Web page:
• Encourage public–private partnerships on storage development.
  • Ensure ongoing development funding to support CCUS and storage development.
  • Support the development of CO2 storage competencies, expertise and technologies
  • Engage in or support technology development that can improve resource assessment, site operations and MMV processes.
  • Support the reskilling and upskilling of oil and gas workforces so they are also able to work on CO2 storage.
  • Encourage the development of CO2 storage and CCUS research, engineering and technology programmes at the university level and at national research centres.
  • Incentivise private-sector companies with CCUS experience to invest in the national workforce, in the form of training and apprenticeships, to truly build on the human capacity needed to deploy projects.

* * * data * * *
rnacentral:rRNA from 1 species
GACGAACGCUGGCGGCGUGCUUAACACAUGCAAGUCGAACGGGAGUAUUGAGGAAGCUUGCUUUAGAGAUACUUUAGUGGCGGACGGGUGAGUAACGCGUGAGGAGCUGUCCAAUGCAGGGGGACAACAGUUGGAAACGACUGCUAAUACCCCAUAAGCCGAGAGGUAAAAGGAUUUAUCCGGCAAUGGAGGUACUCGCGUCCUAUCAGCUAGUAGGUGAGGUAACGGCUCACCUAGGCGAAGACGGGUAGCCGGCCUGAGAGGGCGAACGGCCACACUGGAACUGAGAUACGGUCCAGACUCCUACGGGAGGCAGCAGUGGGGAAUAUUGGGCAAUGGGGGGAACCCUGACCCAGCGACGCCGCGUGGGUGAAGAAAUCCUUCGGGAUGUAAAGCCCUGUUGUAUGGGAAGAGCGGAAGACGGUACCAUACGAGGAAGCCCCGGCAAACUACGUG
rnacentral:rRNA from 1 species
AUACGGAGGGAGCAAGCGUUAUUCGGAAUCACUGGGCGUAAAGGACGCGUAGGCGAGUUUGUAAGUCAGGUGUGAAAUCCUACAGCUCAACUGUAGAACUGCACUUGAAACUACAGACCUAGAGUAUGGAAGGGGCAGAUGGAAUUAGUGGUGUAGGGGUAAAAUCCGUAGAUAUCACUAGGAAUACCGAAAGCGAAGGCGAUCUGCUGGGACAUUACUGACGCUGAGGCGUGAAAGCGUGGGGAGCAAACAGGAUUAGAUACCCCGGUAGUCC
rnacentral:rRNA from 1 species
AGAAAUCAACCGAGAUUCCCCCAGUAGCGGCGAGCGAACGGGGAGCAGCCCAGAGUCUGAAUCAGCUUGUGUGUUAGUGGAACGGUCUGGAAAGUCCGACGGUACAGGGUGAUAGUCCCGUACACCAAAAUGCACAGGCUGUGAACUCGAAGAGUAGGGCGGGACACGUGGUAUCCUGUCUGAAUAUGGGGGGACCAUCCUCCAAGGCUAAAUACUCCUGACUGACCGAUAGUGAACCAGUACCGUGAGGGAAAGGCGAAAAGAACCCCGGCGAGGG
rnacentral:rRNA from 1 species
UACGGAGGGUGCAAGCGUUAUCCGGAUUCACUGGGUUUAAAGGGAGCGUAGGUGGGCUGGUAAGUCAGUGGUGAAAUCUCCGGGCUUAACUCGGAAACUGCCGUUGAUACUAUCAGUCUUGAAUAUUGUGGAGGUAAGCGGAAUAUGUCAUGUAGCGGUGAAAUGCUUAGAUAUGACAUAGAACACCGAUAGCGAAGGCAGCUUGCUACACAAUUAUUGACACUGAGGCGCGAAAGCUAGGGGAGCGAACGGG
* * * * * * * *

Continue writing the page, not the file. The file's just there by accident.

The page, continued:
• Develop technology solutions that enable the co-location of different clean energy technology solutions.

Private-sector considerations

  • Consider creating a market for tradeable, regulatory compliant CO2 storage certificates.
  • Incorporate CO2 management into corporate decarbonisation and environmental, sustainability and governance (ESG) strategies. As part of this, consider if CCUS should be included in current and future growth strategies.
  • Develop and build CO2 storage infrastructure.1
  • Drive investment towards CO2 storage infrastructure by supporting CO2 management and insuring it is permissible within sustainable finance metrics.
  • Create insurance products that cover CO2 storage activities.
  • Recognise proven CO2 storage reserves as an asset.2
  1. This can also be done by state-owned enterprises and public–private partnerships.

  2. The Storage Resource Management System published by the Society of Petroleum Engineers provides a mechanism to assign a book value to CO2 storage resources.